How do I hold a PPI meeting using virtual tools?
There are various reasons to hold a PPI meeting online or over the phone, rather than face-to-face. Various tools and software packages make this possible including holding a teleconference, Zoom, GoToMeeting and Microsoft Teams. Make sure to use those tools that are compliant with your university's GDPR.
Tips and tricks:
Keep it simple
Try to use software and tools which make it easy for public contributors to connect. Tools which allow participants to join with a single click on a link are preferred. Try avoid anything that requires participants to download software. Where possible, share "how to use" guidances in advance of the meeting with all participants, especially with public contributors.
Send documents in advance
Make sure you send documents well in advance to public contributors, preferably at least 1 week. Where possible, also provide some questions you would like to discuss prior to the meeting so people can prepare. If this isn't possible, discuss availability with public contributors and agree on different timelines to receive documents. Ask participants if they would like to receive paper or digital copies of documents.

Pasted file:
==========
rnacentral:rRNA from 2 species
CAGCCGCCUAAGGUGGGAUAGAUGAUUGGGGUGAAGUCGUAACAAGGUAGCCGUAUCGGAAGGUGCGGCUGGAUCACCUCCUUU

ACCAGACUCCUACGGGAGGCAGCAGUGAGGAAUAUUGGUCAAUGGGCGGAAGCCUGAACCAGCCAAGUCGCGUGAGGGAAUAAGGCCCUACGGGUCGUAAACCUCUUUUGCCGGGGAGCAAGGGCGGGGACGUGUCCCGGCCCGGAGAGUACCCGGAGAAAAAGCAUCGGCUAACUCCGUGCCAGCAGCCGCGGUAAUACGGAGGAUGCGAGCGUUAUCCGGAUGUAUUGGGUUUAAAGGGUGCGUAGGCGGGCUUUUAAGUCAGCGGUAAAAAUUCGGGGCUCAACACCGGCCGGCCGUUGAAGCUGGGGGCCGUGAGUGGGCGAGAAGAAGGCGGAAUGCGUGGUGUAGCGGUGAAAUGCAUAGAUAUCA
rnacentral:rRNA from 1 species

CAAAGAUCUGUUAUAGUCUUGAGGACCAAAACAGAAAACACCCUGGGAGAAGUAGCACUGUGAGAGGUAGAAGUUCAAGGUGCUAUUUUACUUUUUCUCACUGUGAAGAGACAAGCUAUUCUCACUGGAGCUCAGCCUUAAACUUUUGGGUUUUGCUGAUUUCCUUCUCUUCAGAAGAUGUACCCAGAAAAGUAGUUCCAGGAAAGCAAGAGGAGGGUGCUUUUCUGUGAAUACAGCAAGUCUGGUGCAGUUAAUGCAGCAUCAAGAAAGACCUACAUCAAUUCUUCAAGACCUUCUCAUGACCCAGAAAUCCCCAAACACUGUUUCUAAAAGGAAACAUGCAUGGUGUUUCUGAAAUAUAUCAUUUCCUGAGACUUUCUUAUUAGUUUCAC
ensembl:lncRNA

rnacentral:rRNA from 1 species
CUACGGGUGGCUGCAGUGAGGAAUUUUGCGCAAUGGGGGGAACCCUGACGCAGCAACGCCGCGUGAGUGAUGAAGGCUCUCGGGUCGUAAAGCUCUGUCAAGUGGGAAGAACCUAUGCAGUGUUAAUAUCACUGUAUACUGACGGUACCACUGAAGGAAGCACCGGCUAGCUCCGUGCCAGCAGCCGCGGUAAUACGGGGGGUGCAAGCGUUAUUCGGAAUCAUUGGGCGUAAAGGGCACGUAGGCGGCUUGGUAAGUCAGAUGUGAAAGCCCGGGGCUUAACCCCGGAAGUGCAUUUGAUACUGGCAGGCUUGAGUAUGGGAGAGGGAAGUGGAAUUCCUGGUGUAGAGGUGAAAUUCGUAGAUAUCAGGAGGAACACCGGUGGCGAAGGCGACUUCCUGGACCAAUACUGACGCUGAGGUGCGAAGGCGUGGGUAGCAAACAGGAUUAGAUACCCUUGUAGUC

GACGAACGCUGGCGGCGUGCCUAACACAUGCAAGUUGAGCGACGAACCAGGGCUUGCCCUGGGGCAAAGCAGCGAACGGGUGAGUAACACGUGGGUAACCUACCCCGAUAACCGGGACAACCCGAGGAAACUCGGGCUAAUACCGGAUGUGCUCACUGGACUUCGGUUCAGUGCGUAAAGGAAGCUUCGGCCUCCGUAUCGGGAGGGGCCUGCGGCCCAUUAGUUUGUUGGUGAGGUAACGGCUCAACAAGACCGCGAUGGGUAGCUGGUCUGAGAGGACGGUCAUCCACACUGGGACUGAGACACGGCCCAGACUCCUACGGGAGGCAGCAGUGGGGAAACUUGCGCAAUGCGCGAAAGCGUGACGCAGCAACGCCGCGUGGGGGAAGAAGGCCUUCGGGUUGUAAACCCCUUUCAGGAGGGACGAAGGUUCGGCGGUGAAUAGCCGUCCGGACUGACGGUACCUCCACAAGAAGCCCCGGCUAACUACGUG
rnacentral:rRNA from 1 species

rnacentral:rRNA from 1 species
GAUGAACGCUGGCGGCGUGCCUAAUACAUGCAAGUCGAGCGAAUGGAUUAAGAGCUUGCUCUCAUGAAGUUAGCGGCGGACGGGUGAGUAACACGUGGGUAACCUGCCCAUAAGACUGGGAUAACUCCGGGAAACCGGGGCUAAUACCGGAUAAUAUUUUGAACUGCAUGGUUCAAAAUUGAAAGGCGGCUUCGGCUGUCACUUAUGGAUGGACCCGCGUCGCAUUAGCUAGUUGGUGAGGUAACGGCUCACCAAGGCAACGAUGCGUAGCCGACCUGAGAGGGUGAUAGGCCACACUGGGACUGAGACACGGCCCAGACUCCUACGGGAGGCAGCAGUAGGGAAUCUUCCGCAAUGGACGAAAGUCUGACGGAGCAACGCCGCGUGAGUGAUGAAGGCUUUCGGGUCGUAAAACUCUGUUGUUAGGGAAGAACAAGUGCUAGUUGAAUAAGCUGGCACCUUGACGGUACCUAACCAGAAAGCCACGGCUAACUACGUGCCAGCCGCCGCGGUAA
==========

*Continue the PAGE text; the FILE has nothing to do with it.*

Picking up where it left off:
Take on a stronger chairing role
As it will be more difficult to read body language (or not at all) during virtual meetings, it is important to take on a stronger role as meeting chair as the usual (non-communicated) cues, on i.e. who wants to speak or doesn't understand what is being said, won't be available and people might struggle to interject. Ask people from whom you haven't heard for feedback, especially if they are public contributors.
A suggestion would be to create brightly coloured "can I speak" cards. When using webcams, people can show the card so the chair can distribute who talks. Alternatively, the 'raise hands' functions in meeting software could be used. This might especially be helpful in bigger groups.
Don’t chair and make minutes simultaneously
As mentioned above, virtual meeting require more chairing to ensure you have a smooth meeting and gain valuable information. As such, consider asking a colleague to join the meeting to take notes for you as it might be difficult to do both at the same time. Many online tools will also provide the opportunity to record your meeting, so you can type up notes from the recording. You might want to test this functionality before your meeting.
You could also consider asking an additional colleague to provide technical support for any participant who struggles to access or participate in the meeting.
Welcome people to the meeting